Easy Rider
(Producer: Peter Fonda, Director: Dennis Hopper), 1969 © Silver Screen Collection, Hulton Archive / Getty Images; Dennis Hopper and Isabella Rossellini,
Blue Velvet
(Producer: Fred Caruso, Director: David Lynch), 1986 © Everett Collection / Getty Images; Jack Nicholson and Dennis Hopper, 2004 © Vince Bucci / Getty Images; Dennis Hopper Mug Shot © Sipa Press / Rex Features; Dennis Hopper, 2008 © Sipa Press / Rex Features; Natalie Wood with Warren Beatty, circa 1960 © Everett Collection / Rex Features; Warren Beatty, 1961 © Everett Collection / Rex Features, also appears on cover; Warren Beatty,
Bonnie and Clyde
(Producer: Warren Beatty, Director: Arthur Penn), 1967 © SNAP / Rex Features; Warren Beatty and Julie Christie, 1971 © Ron Galella, Wire Image / Getty Images; Warren Beatty,
(Producer: Warren Beatty, Director Hal Ashby), 1975 © SNAP / Rex Features; Warren Beatty and Madonna,
Dick Tracy
(Producer and Director: Warren Beatty), 1990 © BuenaVista, Everett Collection / Rex Features; Warren Beatty and Jack Nicholson, 2000 © Dan Callister / Getty Images; Jack Nicholson,
Cry Baby Killer
(Producer: Roger Corman, Director: Jus Addiss), 1958 © Everett Collection / Rex Features; Jack Nicholson,
(Producer: Robert Evans, Director Roman Polanski), 1974 © SNAP / Rex Features, also appears on cover; Jack Nicholson,
The Shining
(Producer and Director: Stanley Kubrick), 1979 © SNAP / Rex Features; Jack Nicholson and Marlon Brando,
Missouri Breaks
(Producer: Elliott Kastner, Director Arthur Penn), 1997 © Stefanie Kong / Rex Features; Jack Nicholson, 1980 © Brian Lanker, Sports Illustrated / Getty Images; Anjelica Huston and Jack Nicholson, 1986 © Fotos International / Getty Images; Jack Nicholson, Anger Management, (Producer: Barry Bernardi, Director: Peter Segal), 2003 © Columbia, Everett Collection / Rex Features

Select Bibliography

The following previous books on our bad boys proved most useful:
Songs My Mother Taught Me
by Marlon Brando (Century, 1994)
by Richard Schickel (Pavilion Books, 1999)
Marlon Brando
by Patricia Bosworth (Weidenfeld & Nicolson, 2001)
Brando Unzipped
by Darwin Porter (Blood Moon, 2005)
Dennis Hopper
by Elena Rodriguez (St. Martin’s Press, 1988)
Warren Beatty and Desert Eyes
, by David Thomson (Doubleday, 1987)
Warren Beatty
by John Parker (Hodder Headline, 1993)
Warren Beatty: The Sexiest Man Alive
by Ellis Amburn (Virgin Books, 2003)
The Joker’s Wild
by John Parker (Macmillan, 1991)
Jack’s Life
by Patrick McGilligan (Hutchinson, 1994)

Jack Nicholson: The Life and Times of an Actor on the Edge
by Peter Thompson (Mainstream, 1998)

Other books proved helpful with miscellaneous stories:
Julie Christie
by Michael Feeney Callan (W.H. Allen, 1984)
The Kid Stays in the Picture
, By Robert Evans (Hyperion, 1994)
Easy Riders and Raging Bulls
by Peter Biskind (Simon & Schuster Ltd, 1998)
The Keys to the Kingdom: The Rise of Michael Eisner and the Fall of Everybody
by Kim Masters (Collins, 2001)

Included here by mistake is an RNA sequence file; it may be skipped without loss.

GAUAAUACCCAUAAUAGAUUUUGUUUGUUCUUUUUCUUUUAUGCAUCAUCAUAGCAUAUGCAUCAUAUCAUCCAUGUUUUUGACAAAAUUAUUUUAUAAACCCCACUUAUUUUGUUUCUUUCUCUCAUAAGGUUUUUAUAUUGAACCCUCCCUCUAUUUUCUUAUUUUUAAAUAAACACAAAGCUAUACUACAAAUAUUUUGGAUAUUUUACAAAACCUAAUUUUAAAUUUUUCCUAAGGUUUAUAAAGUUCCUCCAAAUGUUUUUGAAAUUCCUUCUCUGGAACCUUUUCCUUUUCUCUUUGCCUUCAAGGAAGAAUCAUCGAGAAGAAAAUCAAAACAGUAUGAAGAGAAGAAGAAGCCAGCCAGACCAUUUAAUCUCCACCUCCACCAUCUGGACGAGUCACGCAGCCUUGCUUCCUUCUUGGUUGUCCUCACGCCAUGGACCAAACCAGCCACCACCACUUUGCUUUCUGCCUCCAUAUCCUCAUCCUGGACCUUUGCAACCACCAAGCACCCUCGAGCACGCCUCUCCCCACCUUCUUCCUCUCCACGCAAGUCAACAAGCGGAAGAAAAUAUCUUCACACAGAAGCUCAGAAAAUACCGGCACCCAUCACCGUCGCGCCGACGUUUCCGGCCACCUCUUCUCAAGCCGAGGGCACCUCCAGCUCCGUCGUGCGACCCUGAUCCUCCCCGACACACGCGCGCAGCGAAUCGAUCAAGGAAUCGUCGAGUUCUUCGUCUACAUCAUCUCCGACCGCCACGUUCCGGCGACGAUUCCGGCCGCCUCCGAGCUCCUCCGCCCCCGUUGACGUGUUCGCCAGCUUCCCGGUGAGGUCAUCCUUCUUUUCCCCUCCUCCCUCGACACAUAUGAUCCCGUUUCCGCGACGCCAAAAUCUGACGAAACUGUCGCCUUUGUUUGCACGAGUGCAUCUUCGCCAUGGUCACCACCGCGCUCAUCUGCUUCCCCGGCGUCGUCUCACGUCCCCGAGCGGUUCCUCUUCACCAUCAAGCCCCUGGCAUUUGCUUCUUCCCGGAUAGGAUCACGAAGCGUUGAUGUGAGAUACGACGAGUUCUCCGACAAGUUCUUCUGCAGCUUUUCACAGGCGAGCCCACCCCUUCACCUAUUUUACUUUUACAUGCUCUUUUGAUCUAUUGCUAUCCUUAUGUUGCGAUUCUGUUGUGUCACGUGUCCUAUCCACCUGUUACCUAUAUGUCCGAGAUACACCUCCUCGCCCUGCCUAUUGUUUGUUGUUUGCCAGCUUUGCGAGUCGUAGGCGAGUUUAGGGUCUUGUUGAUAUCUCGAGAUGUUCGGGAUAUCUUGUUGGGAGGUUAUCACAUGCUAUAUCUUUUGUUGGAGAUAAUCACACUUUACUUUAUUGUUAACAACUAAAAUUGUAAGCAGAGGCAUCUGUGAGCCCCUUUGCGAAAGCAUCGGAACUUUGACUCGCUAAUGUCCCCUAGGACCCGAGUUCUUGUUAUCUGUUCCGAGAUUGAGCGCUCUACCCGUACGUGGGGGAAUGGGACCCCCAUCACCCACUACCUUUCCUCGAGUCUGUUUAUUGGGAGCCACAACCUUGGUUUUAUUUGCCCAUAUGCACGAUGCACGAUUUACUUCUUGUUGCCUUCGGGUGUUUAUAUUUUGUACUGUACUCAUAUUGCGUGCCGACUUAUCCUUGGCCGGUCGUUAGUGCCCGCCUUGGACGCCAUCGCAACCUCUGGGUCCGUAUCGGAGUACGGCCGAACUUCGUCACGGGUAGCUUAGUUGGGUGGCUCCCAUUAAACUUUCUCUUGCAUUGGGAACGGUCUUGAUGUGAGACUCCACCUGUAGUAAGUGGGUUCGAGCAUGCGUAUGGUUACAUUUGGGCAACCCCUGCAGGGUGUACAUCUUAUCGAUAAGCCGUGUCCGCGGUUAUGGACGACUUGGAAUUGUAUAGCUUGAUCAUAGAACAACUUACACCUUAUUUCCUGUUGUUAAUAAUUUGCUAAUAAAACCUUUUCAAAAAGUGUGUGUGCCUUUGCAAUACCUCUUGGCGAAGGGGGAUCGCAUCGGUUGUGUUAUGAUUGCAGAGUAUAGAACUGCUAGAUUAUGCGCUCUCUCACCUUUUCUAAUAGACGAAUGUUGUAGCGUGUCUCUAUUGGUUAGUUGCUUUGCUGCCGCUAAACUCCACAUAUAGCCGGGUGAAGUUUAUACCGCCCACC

Natasha: The Biography of Natalie Wood
, by Suzanne Finstad (Century, 2001)
Undressing Emmanuelle
by Sylvia Kristel (Fourth Estate, 2007)
Madonna: An Intimate Biography
by J. Randy Taraborrelli (Simon &
Schuster, 2007)
Joan Collins: Biography of an Icon
, by Graham Lord (Orion, 2007)

I’d also like to thank the staff of the British Film Institute library for
allowing me access to their vast collection of magazine and newspaper
cuttings regarding our bad boys.

Freddie Fields quote from unpublished interviews with Freddie Fields by
David Rensin, 2004.


ulholland Drive is a long, winding road that snakes through one of the prettiest and most desolate hillsides in Hollywood, high above the smog and pestilence below. For three decades two of the movie industry’s most powerful stars, Marlon Brando and Jack Nicholson, shared the same driveway and lived in homes just a few minutes’ walk apart through dense wood; their pal Warren Beatty lived just several houses away. Dennis Hopper, by contrast, lived in Mexico, then Venice Beach, always the outsider, Hollywood’s interloper, though he did make Jack a star. Together they formed a kind of unholy union that led local cops to nickname Mulholland Drive ‘Bad Boy Hill’. Jack always preferred Bad Boy Drive.

A beauty spot, full of hiking trails and millionaires’ residences, miles from the sound of LA gunfire and crack dens, Mulholland Drive was by no means immune to the seedier side of Hollywood life. In the late seventies the hillside strangler caused panic in the community, torturing, raping and murdering ten women. One of the victims was found behind Brando’s house. A little later one of his near neighbours was murdered, strangled in the bathroom. ‘Mulholland Drive is full of crazy people,’ he said. ‘We have nuts coming up and down all the time.’ Is it any wonder David Lynch made a film about the place?

Jack, suiting his personality, was pretty lackadaisical about security, believing no one would wish to cause him harm – didn’t the whole planet just adore him? – though the odd nutty fan did get in from time to time. As for Marlon, he bought a gun just days after the Manson murders, admitted pointing the thing in the face of at least three intruders, and progressively turned his home into a fortress. Jack said Brando was paranoid about anyone getting near his front door. One time a couple of visitors, arriving for a barbecue at Jack’s, turned left instead of right and ended up in Marlon’s compound and face to face with two mean-looking guys brandishing shotguns. Tom Mankiewicz, creative consultant on